Wheat markets surprisingly spent much of last week in a relatively narrow range, taking a back seat to the volatility in corn and soybeans that grabbed the spotlight. The spreading disease of the credit crunch is hammering home in the agricultural commodities now after wreaking havoc in the financial markets.
There is no shortage of stories about trading funds and hedgers, both large and small, which have had to liquidate their positions because credit lines have dried up, or spooked investors have withdrawn money, or because of their inability to meet margin calls. The US dollar and equities have been under heavy pressure for months, which is why commodities have attracted so much attention in the first place, but now some of the money that had flowed into commodities is abruptly leaving.
It's very hard to get a handle on just how much money is flowing in and out of the commodity marketplace, but we do know it's huge and it creates intense volatility, especially in markets which historically have not been accustomed to such large volumes- like the agricultural markets. Nevertheless, for the foreseeable future, as long as equities continue to suffer we'll continue to see the commodities market attract the attention of both large and small investors, and we'll continue to see a great deal of volatility.
The credit crunch has hit the agricultural gcommodities from the outside as well- in the cash markets. Plenty of stories there, too, about country elevators unable to meet margin calls, or bank credit lines halted, forcing them to liquidate cash and futures positions and pushing the cash supplies to the larger regional terminals. In turn, those terminals have turned to basis only offers in an effort to keep risk to a minimum. Many elevators have gone broke because of the financial strain, which is certainly not a help to the Ag community.
So, while on the surface high prices look like a great thing, these extremes have created a great deal of turmoil and pain among the very participants of those markets. The ever weakening dollar has helped increase grain exports, but it's created much more expensive imports, pushing inputs sharply higher, so are we really any further ahead?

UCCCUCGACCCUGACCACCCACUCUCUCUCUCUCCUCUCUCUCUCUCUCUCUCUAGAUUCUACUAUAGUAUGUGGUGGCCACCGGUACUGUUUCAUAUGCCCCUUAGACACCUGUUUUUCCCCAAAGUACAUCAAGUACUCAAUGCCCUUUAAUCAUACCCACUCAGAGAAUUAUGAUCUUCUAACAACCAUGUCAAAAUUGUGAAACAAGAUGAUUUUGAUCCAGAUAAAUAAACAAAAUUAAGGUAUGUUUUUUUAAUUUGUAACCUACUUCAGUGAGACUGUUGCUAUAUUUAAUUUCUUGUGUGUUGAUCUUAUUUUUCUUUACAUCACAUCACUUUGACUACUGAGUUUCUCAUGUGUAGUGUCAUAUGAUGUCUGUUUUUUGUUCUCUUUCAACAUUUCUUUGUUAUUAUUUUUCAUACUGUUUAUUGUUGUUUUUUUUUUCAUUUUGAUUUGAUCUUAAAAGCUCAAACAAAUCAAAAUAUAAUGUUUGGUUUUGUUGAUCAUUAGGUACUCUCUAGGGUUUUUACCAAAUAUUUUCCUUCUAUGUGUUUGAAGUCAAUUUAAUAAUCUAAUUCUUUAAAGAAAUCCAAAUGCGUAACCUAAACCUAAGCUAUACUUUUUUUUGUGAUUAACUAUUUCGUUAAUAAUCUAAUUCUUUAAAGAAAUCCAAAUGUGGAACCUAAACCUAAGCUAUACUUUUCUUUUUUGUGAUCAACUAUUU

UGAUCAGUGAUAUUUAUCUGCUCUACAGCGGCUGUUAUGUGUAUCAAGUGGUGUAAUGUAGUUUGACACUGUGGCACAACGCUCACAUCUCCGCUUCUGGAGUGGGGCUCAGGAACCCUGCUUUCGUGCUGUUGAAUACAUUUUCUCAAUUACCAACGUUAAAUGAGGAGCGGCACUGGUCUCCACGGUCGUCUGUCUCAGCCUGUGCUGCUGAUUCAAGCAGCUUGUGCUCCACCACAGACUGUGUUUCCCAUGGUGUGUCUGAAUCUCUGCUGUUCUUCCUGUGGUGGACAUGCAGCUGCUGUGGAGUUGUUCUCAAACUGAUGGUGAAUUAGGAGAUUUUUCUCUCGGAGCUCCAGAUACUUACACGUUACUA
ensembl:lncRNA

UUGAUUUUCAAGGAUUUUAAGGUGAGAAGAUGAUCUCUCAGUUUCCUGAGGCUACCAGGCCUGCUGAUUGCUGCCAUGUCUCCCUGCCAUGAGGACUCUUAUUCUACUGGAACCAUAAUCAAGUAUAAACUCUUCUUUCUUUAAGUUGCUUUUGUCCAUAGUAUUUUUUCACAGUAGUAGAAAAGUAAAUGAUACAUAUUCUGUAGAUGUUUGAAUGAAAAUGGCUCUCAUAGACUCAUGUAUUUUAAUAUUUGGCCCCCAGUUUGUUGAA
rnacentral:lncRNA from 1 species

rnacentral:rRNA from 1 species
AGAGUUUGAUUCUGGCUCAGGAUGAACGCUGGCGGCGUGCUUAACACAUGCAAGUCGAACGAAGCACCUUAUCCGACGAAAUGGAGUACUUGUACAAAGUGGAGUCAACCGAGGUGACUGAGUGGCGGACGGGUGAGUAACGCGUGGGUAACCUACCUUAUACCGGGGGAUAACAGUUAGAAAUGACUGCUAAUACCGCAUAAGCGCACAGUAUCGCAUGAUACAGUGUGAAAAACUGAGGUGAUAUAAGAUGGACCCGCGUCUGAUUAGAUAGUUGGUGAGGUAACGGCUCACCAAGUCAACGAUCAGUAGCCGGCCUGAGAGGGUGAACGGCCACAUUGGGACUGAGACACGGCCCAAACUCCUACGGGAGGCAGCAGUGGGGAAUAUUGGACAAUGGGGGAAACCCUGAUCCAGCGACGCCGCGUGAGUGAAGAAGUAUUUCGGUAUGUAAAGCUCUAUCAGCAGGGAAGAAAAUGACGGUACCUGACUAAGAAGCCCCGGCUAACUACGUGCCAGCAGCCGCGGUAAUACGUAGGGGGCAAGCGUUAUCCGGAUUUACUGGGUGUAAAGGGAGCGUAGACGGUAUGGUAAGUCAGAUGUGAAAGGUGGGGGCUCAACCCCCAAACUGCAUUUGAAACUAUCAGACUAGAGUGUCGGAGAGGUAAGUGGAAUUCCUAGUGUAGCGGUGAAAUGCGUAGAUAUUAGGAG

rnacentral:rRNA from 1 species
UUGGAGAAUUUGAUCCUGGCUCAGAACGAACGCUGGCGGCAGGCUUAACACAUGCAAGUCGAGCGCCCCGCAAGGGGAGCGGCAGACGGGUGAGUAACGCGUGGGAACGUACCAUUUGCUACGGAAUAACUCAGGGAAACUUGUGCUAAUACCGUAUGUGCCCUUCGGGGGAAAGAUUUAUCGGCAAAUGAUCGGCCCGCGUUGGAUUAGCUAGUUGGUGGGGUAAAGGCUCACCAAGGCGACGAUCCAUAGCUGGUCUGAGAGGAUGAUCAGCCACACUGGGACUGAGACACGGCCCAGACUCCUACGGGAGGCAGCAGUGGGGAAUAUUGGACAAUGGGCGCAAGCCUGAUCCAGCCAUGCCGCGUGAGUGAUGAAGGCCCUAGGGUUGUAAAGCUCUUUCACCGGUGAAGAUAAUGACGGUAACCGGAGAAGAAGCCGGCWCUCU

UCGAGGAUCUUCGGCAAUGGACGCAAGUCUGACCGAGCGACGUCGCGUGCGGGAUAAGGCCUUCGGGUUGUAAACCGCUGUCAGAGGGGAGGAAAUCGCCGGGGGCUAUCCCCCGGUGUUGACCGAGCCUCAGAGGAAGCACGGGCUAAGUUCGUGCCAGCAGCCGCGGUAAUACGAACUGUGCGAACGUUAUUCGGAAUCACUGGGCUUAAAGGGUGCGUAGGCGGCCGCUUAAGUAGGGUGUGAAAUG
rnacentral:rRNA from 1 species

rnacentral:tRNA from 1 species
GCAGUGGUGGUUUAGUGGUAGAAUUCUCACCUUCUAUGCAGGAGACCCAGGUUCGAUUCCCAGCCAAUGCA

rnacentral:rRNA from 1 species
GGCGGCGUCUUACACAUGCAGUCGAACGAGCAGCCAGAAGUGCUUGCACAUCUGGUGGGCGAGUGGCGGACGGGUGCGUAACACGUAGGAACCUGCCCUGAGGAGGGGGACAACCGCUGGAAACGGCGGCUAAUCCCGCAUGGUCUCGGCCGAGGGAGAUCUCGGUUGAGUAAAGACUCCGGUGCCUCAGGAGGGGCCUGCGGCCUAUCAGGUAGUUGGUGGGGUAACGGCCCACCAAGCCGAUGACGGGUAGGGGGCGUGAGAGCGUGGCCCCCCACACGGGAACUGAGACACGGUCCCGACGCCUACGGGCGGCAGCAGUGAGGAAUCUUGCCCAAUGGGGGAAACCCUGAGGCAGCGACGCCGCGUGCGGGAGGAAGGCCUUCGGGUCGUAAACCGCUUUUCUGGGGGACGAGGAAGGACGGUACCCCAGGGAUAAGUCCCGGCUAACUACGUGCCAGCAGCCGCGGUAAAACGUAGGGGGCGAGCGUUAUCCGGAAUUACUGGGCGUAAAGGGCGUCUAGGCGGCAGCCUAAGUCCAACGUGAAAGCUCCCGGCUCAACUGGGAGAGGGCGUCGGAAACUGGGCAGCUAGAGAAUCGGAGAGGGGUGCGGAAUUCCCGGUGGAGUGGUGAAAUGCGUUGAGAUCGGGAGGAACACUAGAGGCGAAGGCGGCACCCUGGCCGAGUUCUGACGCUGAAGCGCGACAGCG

On the wheat fundamental front, weather is taking the lead and weâ€™re still seeing the same story in the US southern and central plains where the far west is still very dry and stressed, but the rest of the plains and Midwest have more than enough moisture. Texas winter wheat ratings continue their dismal start with 63% poor/very poor, most of which stems from the panhandle conditions. Conversely, Kansas is rated 79% good/excellent and Oklahoma 77% good/excellent. I think we have to be careful about getting too wrapped up in the poor condition ratings- one good early rain in western Kansas and the bull story could well be over.
Having said that, the world still needs to produce a crop and we're not off to a stellar start. India will see some production losses due to hot and dry weather in their unirrigated regions. Not a huge area, but it will keep them on the defensive to protect supplies and/or be importers again. We're also hearing stories of dryness in North Africa and disease problems creeping into the Pakistan and Kazakhstan regions, both of which are significant wheat production areas. And of course, we continue to hear rumblings of drought in the North China Plain, not unusual this time of year but grabbing headlines nonetheless.